Caspari Center Media Review – April 10, 2012
During the week covered by this review, we received 5 articles on the following subjects:
Christians in Israel
This week’s review included a lengthy feature on Yad HaShemona.
The Marker, April 6, 2012
Under the headline “Finland, 15 minutes from Jerusalem,” The Marker (April 6) looked at Yad HaShemona, “the first Finnish kibbutz, which is fighting to remain loyal to its values – modesty, persistence, diligence, and Zionist.” The article was replete with pictures of the founding group, the Oren family (apparently an error for Ronen), the Kapusta family, and Anya Suemala.
Jerusalem Post, April 4, 2012
According to this report, “National Union MK Arye Eldad called for the annexation of Judea and Samaria in a speech to a large group of Christian Zionists who came to the Knesset on Tuesday for the fourth Jerusalem Assembly. In cooperation with the Knesset Christian Allies Caucus, the assembly brought together 115 pastors and lay leaders from around the world who represent tens of thousands of churches and hundreds of millions of Christians. Over two days, they heard many lectures from MKS, academics and pastors about the Middle East conflict and the biblical attachment of the Jewish people to the land of Israel, but Eldad’s speech especially enthralled them … Eldad said the help of Christian Zionists was more important than ever, because there are too many Jews in Israel for whom Israel has become mere real estate and not a homeland. The group was also addressed by MK David Rotem (Israel Beiteinu), who heads the caucus.”
Christians in Israel
Jerusalem Post, April 9, 2012
The capture under this picture read: “Ethiopian Christians sing outside the Deir Al-Sultan monastery on the root of the Church of the Holy Sepulchre in Jerusalem’s Old City yesterday. The group holds palm leaves as it takes part in the traditional Palm Sunday procession …”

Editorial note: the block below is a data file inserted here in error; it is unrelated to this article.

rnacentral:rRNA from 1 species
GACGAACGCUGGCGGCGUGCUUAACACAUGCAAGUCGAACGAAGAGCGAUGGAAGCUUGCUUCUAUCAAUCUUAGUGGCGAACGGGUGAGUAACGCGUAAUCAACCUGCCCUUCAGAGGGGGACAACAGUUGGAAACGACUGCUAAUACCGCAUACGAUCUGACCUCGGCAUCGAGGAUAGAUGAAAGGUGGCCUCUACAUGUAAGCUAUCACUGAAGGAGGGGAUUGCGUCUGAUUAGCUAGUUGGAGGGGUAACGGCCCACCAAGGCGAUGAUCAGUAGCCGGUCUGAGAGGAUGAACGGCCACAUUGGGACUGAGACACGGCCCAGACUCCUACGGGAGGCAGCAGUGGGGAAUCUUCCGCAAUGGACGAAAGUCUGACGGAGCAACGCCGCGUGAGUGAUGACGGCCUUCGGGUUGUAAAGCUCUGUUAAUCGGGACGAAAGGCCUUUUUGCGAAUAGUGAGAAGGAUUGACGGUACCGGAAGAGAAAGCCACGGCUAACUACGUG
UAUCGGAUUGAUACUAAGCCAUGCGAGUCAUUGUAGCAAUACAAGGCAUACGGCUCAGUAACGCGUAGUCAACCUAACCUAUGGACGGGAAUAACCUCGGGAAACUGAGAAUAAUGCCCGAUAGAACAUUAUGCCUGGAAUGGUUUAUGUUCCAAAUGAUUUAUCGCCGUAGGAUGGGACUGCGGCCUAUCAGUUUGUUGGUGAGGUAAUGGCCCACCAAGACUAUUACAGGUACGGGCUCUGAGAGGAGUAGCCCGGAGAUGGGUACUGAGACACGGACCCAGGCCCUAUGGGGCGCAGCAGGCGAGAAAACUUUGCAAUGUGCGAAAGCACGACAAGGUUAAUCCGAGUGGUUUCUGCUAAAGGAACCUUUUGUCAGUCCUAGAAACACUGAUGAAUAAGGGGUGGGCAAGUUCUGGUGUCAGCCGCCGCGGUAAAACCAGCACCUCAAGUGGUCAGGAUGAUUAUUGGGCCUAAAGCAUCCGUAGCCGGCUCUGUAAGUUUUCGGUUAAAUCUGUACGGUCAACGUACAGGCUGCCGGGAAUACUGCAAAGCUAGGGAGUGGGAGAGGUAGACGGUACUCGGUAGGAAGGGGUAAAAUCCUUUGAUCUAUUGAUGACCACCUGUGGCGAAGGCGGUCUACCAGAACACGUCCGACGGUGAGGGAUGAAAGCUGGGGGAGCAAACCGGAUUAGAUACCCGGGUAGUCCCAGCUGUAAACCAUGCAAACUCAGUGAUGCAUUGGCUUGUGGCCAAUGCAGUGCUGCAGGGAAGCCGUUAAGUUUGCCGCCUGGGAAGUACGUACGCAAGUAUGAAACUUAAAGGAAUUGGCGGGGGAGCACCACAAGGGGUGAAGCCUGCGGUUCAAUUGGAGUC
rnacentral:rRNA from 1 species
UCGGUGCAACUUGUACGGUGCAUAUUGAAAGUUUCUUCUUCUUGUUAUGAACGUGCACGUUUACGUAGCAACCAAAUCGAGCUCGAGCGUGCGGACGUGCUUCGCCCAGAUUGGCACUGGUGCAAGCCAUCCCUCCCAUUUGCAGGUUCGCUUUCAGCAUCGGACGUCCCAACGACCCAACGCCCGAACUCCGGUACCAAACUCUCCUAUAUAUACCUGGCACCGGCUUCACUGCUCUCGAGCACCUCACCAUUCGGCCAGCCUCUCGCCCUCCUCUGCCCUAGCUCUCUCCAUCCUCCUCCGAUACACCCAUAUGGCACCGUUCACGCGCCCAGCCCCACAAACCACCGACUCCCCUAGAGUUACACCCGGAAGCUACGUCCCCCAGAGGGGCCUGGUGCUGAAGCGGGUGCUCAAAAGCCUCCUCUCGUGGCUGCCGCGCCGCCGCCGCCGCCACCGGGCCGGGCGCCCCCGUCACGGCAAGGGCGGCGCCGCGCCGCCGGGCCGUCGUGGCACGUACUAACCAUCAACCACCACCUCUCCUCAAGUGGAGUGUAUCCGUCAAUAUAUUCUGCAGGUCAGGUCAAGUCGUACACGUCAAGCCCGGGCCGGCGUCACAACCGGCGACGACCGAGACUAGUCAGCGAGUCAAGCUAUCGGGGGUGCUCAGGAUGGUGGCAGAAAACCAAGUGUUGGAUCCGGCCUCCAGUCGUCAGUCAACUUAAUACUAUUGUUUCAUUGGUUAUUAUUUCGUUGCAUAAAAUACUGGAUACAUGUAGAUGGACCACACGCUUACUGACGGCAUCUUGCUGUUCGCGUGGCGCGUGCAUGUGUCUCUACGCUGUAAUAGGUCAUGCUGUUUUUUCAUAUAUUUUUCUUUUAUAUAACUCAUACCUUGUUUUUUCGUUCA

HaIr Kol HaIr, April 5, 2012
This report gave readers a tour of Nazareth – “Tour, church, tradition, and archaeology alongside the flavors of the place.”
Haaretz, April 6, 2012
Benjamin Balint reviewed The Jewish Annotated New Testament edited by Amy-Jill Levine and Marc Zvi Brettler (Oxford University Press, 2012): “If one wishes to take it on its own terms, then, one can read the New Testament as a Jewish text precisely until the point where the Jews are superseded – until Paul, measuring himself against Moses, sought to legitimate a new people of God. If Israel’s self-definition rested on law and ethnicity (the difference between Jew and Gentile), Paul sought to transcend both by means of a kind of coerced universalism. This is the point at which internal critique shades into a rejection that – despite the editors’ best intentions – cannot be explained away. That caveat aside, ‘The Annotated Jewish New Testament’ admirably succeeds in charting how biblical poetry made its way into ecclesiastical dogma, and how the teachings of Jesus were nourished by the soil of Judaism. More deeply, it reveals how the Christian Scriptures were made possible by the inner imperative of the Torah itself, a text which demands to be ever reread anew in the light of contemporary experiences, and which teaches that everything has somehow been foreseen.”